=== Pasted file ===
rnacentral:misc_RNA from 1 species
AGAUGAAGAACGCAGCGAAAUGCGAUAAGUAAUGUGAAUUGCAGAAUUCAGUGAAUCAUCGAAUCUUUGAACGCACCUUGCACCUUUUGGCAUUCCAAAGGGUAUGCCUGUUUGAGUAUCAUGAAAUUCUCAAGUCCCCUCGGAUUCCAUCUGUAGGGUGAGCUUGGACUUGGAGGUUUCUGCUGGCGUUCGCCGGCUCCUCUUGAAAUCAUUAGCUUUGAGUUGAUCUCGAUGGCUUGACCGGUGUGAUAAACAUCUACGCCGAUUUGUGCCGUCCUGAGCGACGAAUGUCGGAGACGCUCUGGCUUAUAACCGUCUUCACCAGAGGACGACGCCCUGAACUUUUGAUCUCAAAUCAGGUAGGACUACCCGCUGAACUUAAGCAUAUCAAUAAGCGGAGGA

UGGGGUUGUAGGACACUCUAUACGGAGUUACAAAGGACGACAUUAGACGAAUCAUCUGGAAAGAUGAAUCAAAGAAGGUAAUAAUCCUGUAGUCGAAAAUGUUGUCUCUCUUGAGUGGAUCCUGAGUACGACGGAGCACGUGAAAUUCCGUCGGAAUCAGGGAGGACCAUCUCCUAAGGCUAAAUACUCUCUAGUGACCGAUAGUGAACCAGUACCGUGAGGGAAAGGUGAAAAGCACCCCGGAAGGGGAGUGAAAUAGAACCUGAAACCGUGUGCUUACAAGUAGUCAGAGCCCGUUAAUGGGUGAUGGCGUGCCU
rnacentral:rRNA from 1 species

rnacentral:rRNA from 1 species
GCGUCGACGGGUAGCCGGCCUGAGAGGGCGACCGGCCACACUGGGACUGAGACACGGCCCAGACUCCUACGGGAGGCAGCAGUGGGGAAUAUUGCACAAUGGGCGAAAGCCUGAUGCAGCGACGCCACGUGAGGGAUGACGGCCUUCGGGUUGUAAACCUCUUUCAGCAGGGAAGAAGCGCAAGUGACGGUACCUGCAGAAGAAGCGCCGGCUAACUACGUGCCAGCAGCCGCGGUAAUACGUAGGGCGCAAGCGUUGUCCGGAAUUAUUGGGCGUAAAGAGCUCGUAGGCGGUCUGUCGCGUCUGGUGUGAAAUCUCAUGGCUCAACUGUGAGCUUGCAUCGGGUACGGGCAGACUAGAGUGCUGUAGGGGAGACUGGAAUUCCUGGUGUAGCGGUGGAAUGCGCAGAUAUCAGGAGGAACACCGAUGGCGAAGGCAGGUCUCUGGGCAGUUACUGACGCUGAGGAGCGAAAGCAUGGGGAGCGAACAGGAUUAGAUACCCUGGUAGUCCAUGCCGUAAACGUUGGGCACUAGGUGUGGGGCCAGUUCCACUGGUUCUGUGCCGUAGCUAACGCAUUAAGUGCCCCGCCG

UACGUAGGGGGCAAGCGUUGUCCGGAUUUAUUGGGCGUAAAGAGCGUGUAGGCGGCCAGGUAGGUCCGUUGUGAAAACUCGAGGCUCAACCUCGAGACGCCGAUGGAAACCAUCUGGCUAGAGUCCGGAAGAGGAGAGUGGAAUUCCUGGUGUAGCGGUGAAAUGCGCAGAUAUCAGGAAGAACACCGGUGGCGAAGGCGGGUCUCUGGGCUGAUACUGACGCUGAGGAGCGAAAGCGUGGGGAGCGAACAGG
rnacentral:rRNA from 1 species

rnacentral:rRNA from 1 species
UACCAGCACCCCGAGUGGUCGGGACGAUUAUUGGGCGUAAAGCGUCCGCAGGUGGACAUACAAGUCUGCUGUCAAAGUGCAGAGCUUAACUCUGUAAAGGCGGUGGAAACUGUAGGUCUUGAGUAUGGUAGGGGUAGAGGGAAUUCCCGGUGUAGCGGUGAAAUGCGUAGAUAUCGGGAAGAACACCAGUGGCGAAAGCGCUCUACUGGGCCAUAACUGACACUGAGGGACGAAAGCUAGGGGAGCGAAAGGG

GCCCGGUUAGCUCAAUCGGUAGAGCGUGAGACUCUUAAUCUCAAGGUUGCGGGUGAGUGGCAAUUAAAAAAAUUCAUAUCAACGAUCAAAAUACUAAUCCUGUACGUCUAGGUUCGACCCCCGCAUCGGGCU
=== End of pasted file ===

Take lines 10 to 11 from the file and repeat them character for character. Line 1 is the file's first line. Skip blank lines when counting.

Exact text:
UACCAGCACCCCGAGUGGUCGGGACGAUUAUUGGGCGUAAAGCGUCCGCAGGUGGACAUACAAGUCUGCUGUCAAAGUGCAGAGCUUAACUCUGUAAAGGCGGUGGAAACUGUAGGUCUUGAGUAUGGUAGGGGUAGAGGGAAUUCCCGGUGUAGCGGUGAAAUGCGUAGAUAUCGGGAAGAACACCAGUGGCGAAAGCGCUCUACUGGGCCAUAACUGACACUGAGGGACGAAAGCUAGGGGAGCGAAAGGG

GCCCGGUUAGCUCAAUCGGUAGAGCGUGAGACUCUUAAUCUCAAGGUUGCGGGUGAGUGGCAAUUAAAAAAAUUCAUAUCAACGAUCAAAAUACUAAUCCUGUACGUCUAGGUUCGACCCCCGCAUCGGGCU